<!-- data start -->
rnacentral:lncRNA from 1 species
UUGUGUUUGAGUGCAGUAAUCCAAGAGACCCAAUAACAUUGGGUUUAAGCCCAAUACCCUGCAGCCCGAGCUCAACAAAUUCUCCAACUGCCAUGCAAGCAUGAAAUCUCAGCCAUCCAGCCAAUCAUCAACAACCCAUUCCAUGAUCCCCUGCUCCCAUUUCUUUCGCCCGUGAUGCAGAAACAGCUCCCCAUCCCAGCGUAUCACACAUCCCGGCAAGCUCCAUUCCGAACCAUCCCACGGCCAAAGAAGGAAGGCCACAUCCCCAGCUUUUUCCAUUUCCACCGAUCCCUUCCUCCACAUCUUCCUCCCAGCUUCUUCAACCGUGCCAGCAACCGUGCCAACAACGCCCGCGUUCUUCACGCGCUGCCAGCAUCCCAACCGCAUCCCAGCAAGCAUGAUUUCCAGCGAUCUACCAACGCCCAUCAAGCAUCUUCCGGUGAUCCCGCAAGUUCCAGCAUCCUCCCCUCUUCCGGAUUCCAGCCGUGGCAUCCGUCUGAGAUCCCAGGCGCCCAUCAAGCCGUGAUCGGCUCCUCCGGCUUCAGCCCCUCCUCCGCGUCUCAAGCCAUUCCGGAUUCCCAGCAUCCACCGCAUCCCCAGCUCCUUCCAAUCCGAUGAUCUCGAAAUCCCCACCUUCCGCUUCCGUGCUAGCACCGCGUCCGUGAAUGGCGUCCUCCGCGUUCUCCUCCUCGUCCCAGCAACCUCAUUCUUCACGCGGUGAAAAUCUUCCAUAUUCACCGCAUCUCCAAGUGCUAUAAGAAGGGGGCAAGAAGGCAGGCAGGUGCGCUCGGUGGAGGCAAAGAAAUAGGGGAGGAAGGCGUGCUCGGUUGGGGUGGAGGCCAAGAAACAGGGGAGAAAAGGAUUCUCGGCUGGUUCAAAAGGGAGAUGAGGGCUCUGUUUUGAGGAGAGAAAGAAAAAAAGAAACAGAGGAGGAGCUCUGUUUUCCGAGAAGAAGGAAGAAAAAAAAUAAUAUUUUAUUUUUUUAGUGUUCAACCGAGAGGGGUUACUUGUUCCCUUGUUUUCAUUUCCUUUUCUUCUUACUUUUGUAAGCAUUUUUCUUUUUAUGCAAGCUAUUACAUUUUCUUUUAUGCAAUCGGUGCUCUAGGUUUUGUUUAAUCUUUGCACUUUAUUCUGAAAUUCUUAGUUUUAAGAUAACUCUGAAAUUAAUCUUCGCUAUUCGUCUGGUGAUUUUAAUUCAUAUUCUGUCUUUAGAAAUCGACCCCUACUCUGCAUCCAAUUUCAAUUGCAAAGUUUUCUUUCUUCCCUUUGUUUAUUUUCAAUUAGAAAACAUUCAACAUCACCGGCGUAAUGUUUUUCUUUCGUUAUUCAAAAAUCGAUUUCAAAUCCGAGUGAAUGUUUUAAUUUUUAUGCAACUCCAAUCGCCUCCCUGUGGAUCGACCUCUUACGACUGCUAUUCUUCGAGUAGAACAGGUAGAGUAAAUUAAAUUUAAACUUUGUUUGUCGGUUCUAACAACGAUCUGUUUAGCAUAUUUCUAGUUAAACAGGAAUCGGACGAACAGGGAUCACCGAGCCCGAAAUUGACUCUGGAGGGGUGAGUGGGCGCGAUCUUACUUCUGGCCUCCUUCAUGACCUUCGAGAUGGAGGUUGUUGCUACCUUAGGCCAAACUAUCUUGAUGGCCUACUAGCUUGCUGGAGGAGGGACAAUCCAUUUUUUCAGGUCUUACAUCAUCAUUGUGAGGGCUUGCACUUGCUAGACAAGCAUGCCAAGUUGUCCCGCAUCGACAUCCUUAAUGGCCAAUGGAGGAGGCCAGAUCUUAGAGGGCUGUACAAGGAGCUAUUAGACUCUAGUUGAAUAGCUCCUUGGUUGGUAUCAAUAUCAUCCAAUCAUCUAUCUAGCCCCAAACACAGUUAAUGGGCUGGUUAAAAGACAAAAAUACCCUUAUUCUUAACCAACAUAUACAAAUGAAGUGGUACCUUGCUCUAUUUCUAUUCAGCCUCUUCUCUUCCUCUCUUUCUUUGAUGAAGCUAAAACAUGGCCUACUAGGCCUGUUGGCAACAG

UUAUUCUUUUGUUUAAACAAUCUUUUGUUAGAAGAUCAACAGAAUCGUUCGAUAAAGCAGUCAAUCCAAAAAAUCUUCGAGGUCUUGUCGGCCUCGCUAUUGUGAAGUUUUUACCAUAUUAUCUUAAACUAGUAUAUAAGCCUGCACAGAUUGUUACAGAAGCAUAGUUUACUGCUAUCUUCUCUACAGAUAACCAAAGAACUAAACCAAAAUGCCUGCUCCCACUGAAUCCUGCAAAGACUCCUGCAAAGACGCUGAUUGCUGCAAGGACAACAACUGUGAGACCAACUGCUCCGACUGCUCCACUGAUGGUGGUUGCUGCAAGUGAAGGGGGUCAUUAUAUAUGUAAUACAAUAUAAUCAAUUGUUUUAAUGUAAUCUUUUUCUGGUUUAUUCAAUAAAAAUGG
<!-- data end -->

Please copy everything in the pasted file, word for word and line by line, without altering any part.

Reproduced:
rnacentral:lncRNA from 1 species
UUGUGUUUGAGUGCAGUAAUCCAAGAGACCCAAUAACAUUGGGUUUAAGCCCAAUACCCUGCAGCCCGAGCUCAACAAAUUCUCCAACUGCCAUGCAAGCAUGAAAUCUCAGCCAUCCAGCCAAUCAUCAACAACCCAUUCCAUGAUCCCCUGCUCCCAUUUCUUUCGCCCGUGAUGCAGAAACAGCUCCCCAUCCCAGCGUAUCACACAUCCCGGCAAGCUCCAUUCCGAACCAUCCCACGGCCAAAGAAGGAAGGCCACAUCCCCAGCUUUUUCCAUUUCCACCGAUCCCUUCCUCCACAUCUUCCUCCCAGCUUCUUCAACCGUGCCAGCAACCGUGCCAACAACGCCCGCGUUCUUCACGCGCUGCCAGCAUCCCAACCGCAUCCCAGCAAGCAUGAUUUCCAGCGAUCUACCAACGCCCAUCAAGCAUCUUCCGGUGAUCCCGCAAGUUCCAGCAUCCUCCCCUCUUCCGGAUUCCAGCCGUGGCAUCCGUCUGAGAUCCCAGGCGCCCAUCAAGCCGUGAUCGGCUCCUCCGGCUUCAGCCCCUCCUCCGCGUCUCAAGCCAUUCCGGAUUCCCAGCAUCCACCGCAUCCCCAGCUCCUUCCAAUCCGAUGAUCUCGAAAUCCCCACCUUCCGCUUCCGUGCUAGCACCGCGUCCGUGAAUGGCGUCCUCCGCGUUCUCCUCCUCGUCCCAGCAACCUCAUUCUUCACGCGGUGAAAAUCUUCCAUAUUCACCGCAUCUCCAAGUGCUAUAAGAAGGGGGCAAGAAGGCAGGCAGGUGCGCUCGGUGGAGGCAAAGAAAUAGGGGAGGAAGGCGUGCUCGGUUGGGGUGGAGGCCAAGAAACAGGGGAGAAAAGGAUUCUCGGCUGGUUCAAAAGGGAGAUGAGGGCUCUGUUUUGAGGAGAGAAAGAAAAAAAGAAACAGAGGAGGAGCUCUGUUUUCCGAGAAGAAGGAAGAAAAAAAAUAAUAUUUUAUUUUUUUAGUGUUCAACCGAGAGGGGUUACUUGUUCCCUUGUUUUCAUUUCCUUUUCUUCUUACUUUUGUAAGCAUUUUUCUUUUUAUGCAAGCUAUUACAUUUUCUUUUAUGCAAUCGGUGCUCUAGGUUUUGUUUAAUCUUUGCACUUUAUUCUGAAAUUCUUAGUUUUAAGAUAACUCUGAAAUUAAUCUUCGCUAUUCGUCUGGUGAUUUUAAUUCAUAUUCUGUCUUUAGAAAUCGACCCCUACUCUGCAUCCAAUUUCAAUUGCAAAGUUUUCUUUCUUCCCUUUGUUUAUUUUCAAUUAGAAAACAUUCAACAUCACCGGCGUAAUGUUUUUCUUUCGUUAUUCAAAAAUCGAUUUCAAAUCCGAGUGAAUGUUUUAAUUUUUAUGCAACUCCAAUCGCCUCCCUGUGGAUCGACCUCUUACGACUGCUAUUCUUCGAGUAGAACAGGUAGAGUAAAUUAAAUUUAAACUUUGUUUGUCGGUUCUAACAACGAUCUGUUUAGCAUAUUUCUAGUUAAACAGGAAUCGGACGAACAGGGAUCACCGAGCCCGAAAUUGACUCUGGAGGGGUGAGUGGGCGCGAUCUUACUUCUGGCCUCCUUCAUGACCUUCGAGAUGGAGGUUGUUGCUACCUUAGGCCAAACUAUCUUGAUGGCCUACUAGCUUGCUGGAGGAGGGACAAUCCAUUUUUUCAGGUCUUACAUCAUCAUUGUGAGGGCUUGCACUUGCUAGACAAGCAUGCCAAGUUGUCCCGCAUCGACAUCCUUAAUGGCCAAUGGAGGAGGCCAGAUCUUAGAGGGCUGUACAAGGAGCUAUUAGACUCUAGUUGAAUAGCUCCUUGGUUGGUAUCAAUAUCAUCCAAUCAUCUAUCUAGCCCCAAACACAGUUAAUGGGCUGGUUAAAAGACAAAAAUACCCUUAUUCUUAACCAACAUAUACAAAUGAAGUGGUACCUUGCUCUAUUUCUAUUCAGCCUCUUCUCUUCCUCUCUUUCUUUGAUGAAGCUAAAACAUGGCCUACUAGGCCUGUUGGCAACAG

UUAUUCUUUUGUUUAAACAAUCUUUUGUUAGAAGAUCAACAGAAUCGUUCGAUAAAGCAGUCAAUCCAAAAAAUCUUCGAGGUCUUGUCGGCCUCGCUAUUGUGAAGUUUUUACCAUAUUAUCUUAAACUAGUAUAUAAGCCUGCACAGAUUGUUACAGAAGCAUAGUUUACUGCUAUCUUCUCUACAGAUAACCAAAGAACUAAACCAAAAUGCCUGCUCCCACUGAAUCCUGCAAAGACUCCUGCAAAGACGCUGAUUGCUGCAAGGACAACAACUGUGAGACCAACUGCUCCGACUGCUCCACUGAUGGUGGUUGCUGCAAGUGAAGGGGGUCAUUAUAUAUGUAAUACAAUAUAAUCAAUUGUUUUAAUGUAAUCUUUUUCUGGUUUAUUCAAUAAAAAUGG